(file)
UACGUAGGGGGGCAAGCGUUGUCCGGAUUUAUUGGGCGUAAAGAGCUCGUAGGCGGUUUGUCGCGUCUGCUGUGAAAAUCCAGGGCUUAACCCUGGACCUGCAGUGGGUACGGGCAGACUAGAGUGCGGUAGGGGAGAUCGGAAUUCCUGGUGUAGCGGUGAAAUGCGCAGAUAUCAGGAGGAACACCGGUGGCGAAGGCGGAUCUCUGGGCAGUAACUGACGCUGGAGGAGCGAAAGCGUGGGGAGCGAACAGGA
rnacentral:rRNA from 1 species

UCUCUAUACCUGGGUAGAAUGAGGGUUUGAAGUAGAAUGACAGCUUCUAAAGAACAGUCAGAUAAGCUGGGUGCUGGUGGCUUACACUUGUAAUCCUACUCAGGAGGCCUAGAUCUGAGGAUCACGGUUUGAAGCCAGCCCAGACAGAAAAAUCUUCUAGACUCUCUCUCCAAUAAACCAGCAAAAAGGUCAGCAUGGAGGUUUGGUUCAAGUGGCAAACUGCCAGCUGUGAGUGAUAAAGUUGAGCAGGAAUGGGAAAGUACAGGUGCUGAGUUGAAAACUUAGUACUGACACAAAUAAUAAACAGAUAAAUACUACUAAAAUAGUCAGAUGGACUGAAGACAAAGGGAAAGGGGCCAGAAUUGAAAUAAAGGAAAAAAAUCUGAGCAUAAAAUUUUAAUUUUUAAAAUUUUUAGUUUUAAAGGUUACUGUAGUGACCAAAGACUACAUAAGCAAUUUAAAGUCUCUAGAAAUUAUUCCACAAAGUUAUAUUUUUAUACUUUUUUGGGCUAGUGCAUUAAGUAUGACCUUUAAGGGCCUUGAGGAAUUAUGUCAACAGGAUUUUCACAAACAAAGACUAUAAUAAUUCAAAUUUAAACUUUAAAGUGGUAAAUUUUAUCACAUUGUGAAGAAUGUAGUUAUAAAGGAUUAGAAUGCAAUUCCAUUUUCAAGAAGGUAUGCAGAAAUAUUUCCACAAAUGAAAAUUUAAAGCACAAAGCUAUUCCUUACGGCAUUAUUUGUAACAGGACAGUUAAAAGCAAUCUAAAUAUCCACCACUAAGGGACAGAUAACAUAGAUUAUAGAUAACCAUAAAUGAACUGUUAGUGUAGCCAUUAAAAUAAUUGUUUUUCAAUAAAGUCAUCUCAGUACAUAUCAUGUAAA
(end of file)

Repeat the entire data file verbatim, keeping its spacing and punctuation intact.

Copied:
UACGUAGGGGGGCAAGCGUUGUCCGGAUUUAUUGGGCGUAAAGAGCUCGUAGGCGGUUUGUCGCGUCUGCUGUGAAAAUCCAGGGCUUAACCCUGGACCUGCAGUGGGUACGGGCAGACUAGAGUGCGGUAGGGGAGAUCGGAAUUCCUGGUGUAGCGGUGAAAUGCGCAGAUAUCAGGAGGAACACCGGUGGCGAAGGCGGAUCUCUGGGCAGUAACUGACGCUGGAGGAGCGAAAGCGUGGGGAGCGAACAGGA
rnacentral:rRNA from 1 species

UCUCUAUACCUGGGUAGAAUGAGGGUUUGAAGUAGAAUGACAGCUUCUAAAGAACAGUCAGAUAAGCUGGGUGCUGGUGGCUUACACUUGUAAUCCUACUCAGGAGGCCUAGAUCUGAGGAUCACGGUUUGAAGCCAGCCCAGACAGAAAAAUCUUCUAGACUCUCUCUCCAAUAAACCAGCAAAAAGGUCAGCAUGGAGGUUUGGUUCAAGUGGCAAACUGCCAGCUGUGAGUGAUAAAGUUGAGCAGGAAUGGGAAAGUACAGGUGCUGAGUUGAAAACUUAGUACUGACACAAAUAAUAAACAGAUAAAUACUACUAAAAUAGUCAGAUGGACUGAAGACAAAGGGAAAGGGGCCAGAAUUGAAAUAAAGGAAAAAAAUCUGAGCAUAAAAUUUUAAUUUUUAAAAUUUUUAGUUUUAAAGGUUACUGUAGUGACCAAAGACUACAUAAGCAAUUUAAAGUCUCUAGAAAUUAUUCCACAAAGUUAUAUUUUUAUACUUUUUUGGGCUAGUGCAUUAAGUAUGACCUUUAAGGGCCUUGAGGAAUUAUGUCAACAGGAUUUUCACAAACAAAGACUAUAAUAAUUCAAAUUUAAACUUUAAAGUGGUAAAUUUUAUCACAUUGUGAAGAAUGUAGUUAUAAAGGAUUAGAAUGCAAUUCCAUUUUCAAGAAGGUAUGCAGAAAUAUUUCCACAAAUGAAAAUUUAAAGCACAAAGCUAUUCCUUACGGCAUUAUUUGUAACAGGACAGUUAAAAGCAAUCUAAAUAUCCACCACUAAGGGACAGAUAACAUAGAUUAUAGAUAACCAUAAAUGAACUGUUAGUGUAGCCAUUAAAAUAAUUGUUUUUCAAUAAAGUCAUCUCAGUACAUAUCAUGUAAA